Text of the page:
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Plants with hangovers

I’m no stranger to a hangover. The combined effect of dizziness, dry mouth, nausea and banging headache is all too familiar to me. Those hangover symptoms are, of course, mainly due to dehydration and, in this unusually hot weather, I’m being sensible for a change and taking it easy. While I might be avoiding the effects of dehydration, as this warm, dry weather persists, the plants around me are feeling pretty miserable.

Plants take up water by way of the xylem – a series of tubes which run all through a plant carrying water from the roots, through the stems and into the veins of the leaves. The xylem are like the bones of a plant and, when they’re pumped full of water, the plant is able to stay upright.

In the normal course of events, plants begin work as the sun rises. Tiny pores on the undersides of the leaves (the stomata) open to receive carbon dioxide which is combined with water and, using energy from the sun, converted into sugars and oxygen. With the stomata open to receive CO2, plants also lose water through transpiration. As the day progresses, they are sometimes unable to replace the water lost through transpiration quickly enough. When this happens, they close the stomata and take a siesta until conditions are better. In hot, dry weather, plants must take more breaks and if the drought is prolonged, further loss of moisture causes the xylem to shrink, reducing their ability to stay upright.

My wee seasonal bedding plants on the beach road are in double trouble. Blasted by the hot summer sun and, with the salt-laden sea breeze sucking moisture out of them at an alarming rate, they must be feeling permanently hungover. I first started laying out planted containers on the beach road in front of my house more than ten years ago because I wanted to replicate the look of those pretty Spanish streets with their eclectic collection of colourful pots. Back then, I had only a handful but now I have around fifty.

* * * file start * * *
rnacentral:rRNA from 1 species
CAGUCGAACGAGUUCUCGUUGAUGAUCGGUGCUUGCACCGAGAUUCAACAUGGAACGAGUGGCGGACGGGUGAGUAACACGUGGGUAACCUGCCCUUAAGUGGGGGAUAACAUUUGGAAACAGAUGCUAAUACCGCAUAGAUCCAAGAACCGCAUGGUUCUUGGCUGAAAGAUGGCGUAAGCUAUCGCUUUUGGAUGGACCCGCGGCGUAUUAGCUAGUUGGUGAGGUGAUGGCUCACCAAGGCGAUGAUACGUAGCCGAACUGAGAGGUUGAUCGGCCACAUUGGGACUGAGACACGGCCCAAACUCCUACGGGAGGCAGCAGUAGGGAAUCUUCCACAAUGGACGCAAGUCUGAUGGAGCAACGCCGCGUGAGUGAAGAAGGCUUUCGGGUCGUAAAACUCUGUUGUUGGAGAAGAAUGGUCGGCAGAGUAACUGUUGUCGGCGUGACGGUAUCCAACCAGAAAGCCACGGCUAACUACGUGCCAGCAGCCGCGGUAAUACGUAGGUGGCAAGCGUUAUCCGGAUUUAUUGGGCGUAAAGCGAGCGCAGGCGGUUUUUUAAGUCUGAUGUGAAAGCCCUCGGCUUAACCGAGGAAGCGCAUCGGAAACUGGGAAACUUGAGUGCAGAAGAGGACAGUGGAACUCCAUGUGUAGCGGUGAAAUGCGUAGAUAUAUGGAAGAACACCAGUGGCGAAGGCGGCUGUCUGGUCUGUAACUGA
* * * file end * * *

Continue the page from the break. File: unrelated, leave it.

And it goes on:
I have to say, they are coping surprisingly well, happily getting drunk on the increased amount of sugars they are able to make in the sunshine, and I’ve never had a better display of flowers. Every second day, however, their heads drop to let me know they’re feeling lousy. When that happens, it’s out with the watering can and they get between a third and a half of a can each.

Often we are told not to water plants when the sun is shining. The theory behind this advice is that the droplets of water can act like a magnifying glass, burning the leaves. However, if our plants need us, there’s no point in delaying treatment even if only for a few hours. Watering onto the soil is better than not watering at all, no matter what the time of day and especially if the plant is in stress. If the soil is very dry, you might have to water twice – once to hydrate the soil and then again a half hour or so later to hydrate the plant.

For my sweetcorn, green bean, tomato and chilli plants in the polytunnel, where aesthetics isn’t an issue, I have a number of upturned plastic bottles with the bottom cut off and they’re stuck into the soil near the plant roots. I hydrate the soil first and then fill the bottles so my plants have a reservoir of water to help them when I’m not there. I can apply liquid feed into these bottles too in the knowledge the feed will get right to the roots.

Unfortunately, plastic bottles would look pretty ugly stuck into my beach-front bedding plant containers so I have to water them more often. Watering fifty containers with a watering can is no joke but, when I feel like I can’t be bothered, I think about what it’s like to have a hangover and I wouldn’t want to wish that on anything. After all, I’ve been there myself.

The Plant Listener

Explaining the processes upon which all plants rely for their survival and how we can use that knowledge to influence our horticultural practices.

Available in paperback and kindle from Amazon

ISBN No: 978 1 9997243 0 6

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